No one should really like job titles.
They can limit an executive’s ability to seize opportunities outside their supposed responsibilities. Awarding one could possibly stunt a person’s desire to continue doing the work that got them there in the first place. Worst of all, their often inflated nature makes people who have special-sounding ones believe that status-signalling is meaningful.
And yet, if you want your work to be significantly better - it is time for you to take on another job title.
In my current position, my job title is ‘VP of Product’ - but despite this fancy-sounding title, my professional responsibilities and passion simply make me a product designer. I work primarily on crafting pleasurable and meaningful experiences for people through disciplines such as interaction and usability design, motion design, and high-fidelity prototyping. But if I were to give the most credit to anything for enabling me to produce my best work: it would be the skills I practice when I give myself the title of ‘Writer’.
When I write, I look at my work with the critical eye of a premier ballet teacher. Stop attempting to say so much. Stop using so many unnecessary words. Stop trying to cram so many ideas into one sentence. Writing freezes your ideas for refinement. You’re free to chop and eliminate. To cut down on saying things that don’t add much or that simply don’t need to be said. Its almost as though the simple act of putting words on paper detaches you entirely from your thinking. To meditate on your extensive ideas and prune them like a master bonsai craftsman: with precision and grace.
When I write, a desire for focus and simplicity stirs from within. I cut out well-worded paragraphs and rewrite entire articles. I refuse to settle with impressive as I demand understandable.
This desire pays great dividends to my main profession.
Don Norman, author of two of my favourite books: The Design of Everyday Things and Emotional Design, states that one of the keys to a great design is Discoverability. This means that a product allows the user to immediately discover what actions are possible and where and how to perform them.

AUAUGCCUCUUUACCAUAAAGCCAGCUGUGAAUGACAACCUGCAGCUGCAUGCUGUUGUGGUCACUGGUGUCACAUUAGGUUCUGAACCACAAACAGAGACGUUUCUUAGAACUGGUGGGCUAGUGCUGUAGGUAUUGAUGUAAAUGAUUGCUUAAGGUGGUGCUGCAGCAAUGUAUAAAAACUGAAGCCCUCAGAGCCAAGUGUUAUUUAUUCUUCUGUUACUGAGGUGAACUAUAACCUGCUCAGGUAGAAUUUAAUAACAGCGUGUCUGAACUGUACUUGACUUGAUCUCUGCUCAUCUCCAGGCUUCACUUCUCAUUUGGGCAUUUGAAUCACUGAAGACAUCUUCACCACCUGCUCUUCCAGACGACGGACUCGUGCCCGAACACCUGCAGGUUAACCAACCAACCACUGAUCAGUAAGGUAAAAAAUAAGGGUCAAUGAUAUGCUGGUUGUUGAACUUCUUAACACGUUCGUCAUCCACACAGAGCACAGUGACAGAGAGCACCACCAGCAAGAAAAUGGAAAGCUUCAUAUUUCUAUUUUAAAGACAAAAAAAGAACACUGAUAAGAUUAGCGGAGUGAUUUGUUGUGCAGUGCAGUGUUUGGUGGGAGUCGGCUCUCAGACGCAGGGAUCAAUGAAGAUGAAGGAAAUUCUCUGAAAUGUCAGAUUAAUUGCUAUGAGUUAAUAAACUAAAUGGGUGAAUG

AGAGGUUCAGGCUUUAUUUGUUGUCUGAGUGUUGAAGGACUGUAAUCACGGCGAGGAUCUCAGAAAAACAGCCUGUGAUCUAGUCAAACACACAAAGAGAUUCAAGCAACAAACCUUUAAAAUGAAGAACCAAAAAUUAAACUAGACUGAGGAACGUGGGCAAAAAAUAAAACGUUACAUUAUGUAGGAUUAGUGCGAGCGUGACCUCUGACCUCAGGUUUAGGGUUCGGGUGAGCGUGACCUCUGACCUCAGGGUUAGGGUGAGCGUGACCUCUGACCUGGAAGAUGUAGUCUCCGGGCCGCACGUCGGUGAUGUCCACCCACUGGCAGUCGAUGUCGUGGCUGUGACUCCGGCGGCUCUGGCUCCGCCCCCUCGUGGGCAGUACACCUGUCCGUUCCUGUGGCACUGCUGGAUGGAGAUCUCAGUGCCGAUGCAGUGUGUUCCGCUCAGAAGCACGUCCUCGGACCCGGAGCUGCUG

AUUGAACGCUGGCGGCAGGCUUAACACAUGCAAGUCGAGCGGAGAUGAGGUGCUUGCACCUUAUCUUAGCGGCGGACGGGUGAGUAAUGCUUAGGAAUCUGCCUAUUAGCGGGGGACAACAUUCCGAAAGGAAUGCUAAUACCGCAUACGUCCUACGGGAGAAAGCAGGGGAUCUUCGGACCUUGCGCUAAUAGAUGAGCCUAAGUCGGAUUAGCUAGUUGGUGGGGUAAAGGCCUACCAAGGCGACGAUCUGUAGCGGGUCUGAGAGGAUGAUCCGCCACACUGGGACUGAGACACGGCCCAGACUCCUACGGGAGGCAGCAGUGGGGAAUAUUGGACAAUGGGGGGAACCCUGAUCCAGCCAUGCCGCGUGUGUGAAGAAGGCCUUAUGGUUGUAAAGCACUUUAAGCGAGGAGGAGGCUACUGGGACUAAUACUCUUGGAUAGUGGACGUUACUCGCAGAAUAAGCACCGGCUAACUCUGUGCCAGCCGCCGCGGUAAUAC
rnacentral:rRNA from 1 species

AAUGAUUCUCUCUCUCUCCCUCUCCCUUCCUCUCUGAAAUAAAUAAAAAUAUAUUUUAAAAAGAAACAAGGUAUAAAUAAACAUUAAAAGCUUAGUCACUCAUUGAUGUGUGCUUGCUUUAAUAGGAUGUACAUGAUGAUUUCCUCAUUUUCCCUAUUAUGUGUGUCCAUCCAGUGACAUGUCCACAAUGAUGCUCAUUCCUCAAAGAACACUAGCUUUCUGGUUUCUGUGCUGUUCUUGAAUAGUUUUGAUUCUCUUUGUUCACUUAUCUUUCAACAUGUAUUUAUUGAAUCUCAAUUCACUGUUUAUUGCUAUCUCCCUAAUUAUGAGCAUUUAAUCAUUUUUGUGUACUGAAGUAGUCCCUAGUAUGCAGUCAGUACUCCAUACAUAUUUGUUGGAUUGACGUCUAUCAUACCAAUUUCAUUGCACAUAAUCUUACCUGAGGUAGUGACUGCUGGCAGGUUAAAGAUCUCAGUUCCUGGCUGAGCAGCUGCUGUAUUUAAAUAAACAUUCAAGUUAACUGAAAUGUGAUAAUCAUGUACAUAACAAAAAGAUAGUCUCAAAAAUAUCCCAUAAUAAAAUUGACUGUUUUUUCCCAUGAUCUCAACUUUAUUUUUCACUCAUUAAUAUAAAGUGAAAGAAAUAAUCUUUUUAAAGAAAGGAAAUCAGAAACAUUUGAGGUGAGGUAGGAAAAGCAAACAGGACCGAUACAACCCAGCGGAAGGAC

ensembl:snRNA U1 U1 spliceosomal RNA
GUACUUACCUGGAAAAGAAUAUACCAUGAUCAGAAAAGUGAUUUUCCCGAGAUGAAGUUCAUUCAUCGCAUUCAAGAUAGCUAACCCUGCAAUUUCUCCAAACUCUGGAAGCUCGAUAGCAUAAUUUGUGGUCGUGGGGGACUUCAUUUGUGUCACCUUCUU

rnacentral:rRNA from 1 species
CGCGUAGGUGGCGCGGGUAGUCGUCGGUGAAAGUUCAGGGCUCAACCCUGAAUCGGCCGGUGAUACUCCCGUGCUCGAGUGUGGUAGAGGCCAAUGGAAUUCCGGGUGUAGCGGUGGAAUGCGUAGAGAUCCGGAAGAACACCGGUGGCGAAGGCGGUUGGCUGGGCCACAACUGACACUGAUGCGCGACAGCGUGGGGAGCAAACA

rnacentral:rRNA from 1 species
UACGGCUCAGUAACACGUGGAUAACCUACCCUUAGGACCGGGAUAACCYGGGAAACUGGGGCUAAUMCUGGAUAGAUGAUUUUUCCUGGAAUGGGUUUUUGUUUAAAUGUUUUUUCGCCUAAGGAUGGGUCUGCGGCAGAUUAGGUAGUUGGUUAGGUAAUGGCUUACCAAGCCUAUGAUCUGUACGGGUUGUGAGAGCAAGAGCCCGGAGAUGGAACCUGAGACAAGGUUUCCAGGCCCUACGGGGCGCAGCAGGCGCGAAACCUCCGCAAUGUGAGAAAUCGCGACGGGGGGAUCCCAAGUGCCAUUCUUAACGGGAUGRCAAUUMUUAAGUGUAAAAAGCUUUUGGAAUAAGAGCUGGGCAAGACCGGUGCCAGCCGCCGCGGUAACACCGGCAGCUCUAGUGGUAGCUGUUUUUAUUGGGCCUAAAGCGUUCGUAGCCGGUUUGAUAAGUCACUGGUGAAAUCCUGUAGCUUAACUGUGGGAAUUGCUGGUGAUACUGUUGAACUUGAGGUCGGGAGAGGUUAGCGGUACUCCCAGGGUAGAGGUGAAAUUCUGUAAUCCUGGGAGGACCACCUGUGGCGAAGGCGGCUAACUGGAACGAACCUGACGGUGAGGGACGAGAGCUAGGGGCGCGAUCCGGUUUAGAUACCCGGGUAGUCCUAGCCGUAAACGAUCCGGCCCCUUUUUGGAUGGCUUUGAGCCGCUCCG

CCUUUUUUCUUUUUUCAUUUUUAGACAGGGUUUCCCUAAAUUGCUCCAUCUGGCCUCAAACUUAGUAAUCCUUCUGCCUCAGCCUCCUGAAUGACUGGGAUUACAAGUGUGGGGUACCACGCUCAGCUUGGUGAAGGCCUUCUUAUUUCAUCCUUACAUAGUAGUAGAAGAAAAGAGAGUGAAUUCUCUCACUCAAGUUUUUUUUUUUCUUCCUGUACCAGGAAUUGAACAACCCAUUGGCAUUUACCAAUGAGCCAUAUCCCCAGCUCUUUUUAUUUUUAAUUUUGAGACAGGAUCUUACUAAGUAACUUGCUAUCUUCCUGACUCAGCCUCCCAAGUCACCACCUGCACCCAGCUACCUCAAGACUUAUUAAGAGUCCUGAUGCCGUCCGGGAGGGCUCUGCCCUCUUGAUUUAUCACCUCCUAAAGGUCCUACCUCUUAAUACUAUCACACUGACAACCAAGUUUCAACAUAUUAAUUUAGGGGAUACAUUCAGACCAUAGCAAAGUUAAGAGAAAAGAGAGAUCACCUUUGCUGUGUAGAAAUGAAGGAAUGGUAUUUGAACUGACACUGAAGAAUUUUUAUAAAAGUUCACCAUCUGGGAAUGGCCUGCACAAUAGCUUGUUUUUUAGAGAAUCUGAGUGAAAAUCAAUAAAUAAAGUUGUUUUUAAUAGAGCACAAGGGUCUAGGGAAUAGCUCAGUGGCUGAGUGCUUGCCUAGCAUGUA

For a long time, my digital product designs were a combination of anything and everything that had played a significant role in other successful products I studied. This ultimately resulted in overwhelming interfaces. Designs that did too much at once. Screens that forced the user to slow down but only to consider how clever this app was.
A simple and focused product makes the kind of discoverability that Don Norman talks about, easy. But when you’re trying to do everything, much like my clever designs attempted to do, it’s fairly difficult for your users to quickly discover the 1–2 important things your product can do or help them achieve.
For your work to be world-class, it often just needs less. That’s true for my designs - and I only learnt that because it’s true for my writing. So add ‘Writer’ to your job title and do the work that goes along with being one. Write a lot. Edit more. Publish frequently. It’ll be hard and it will require many hard hours from you - but it will give anything you create the simplicity and focus that French mathematician Blaise Pascal wish he had, as he once professed: “I’m sorry I wrote you such a long letter; I didn’t have time to write a short one.”
Don’t hesitate to say hello and so I can see your added job title on Twitter: @justincampbellp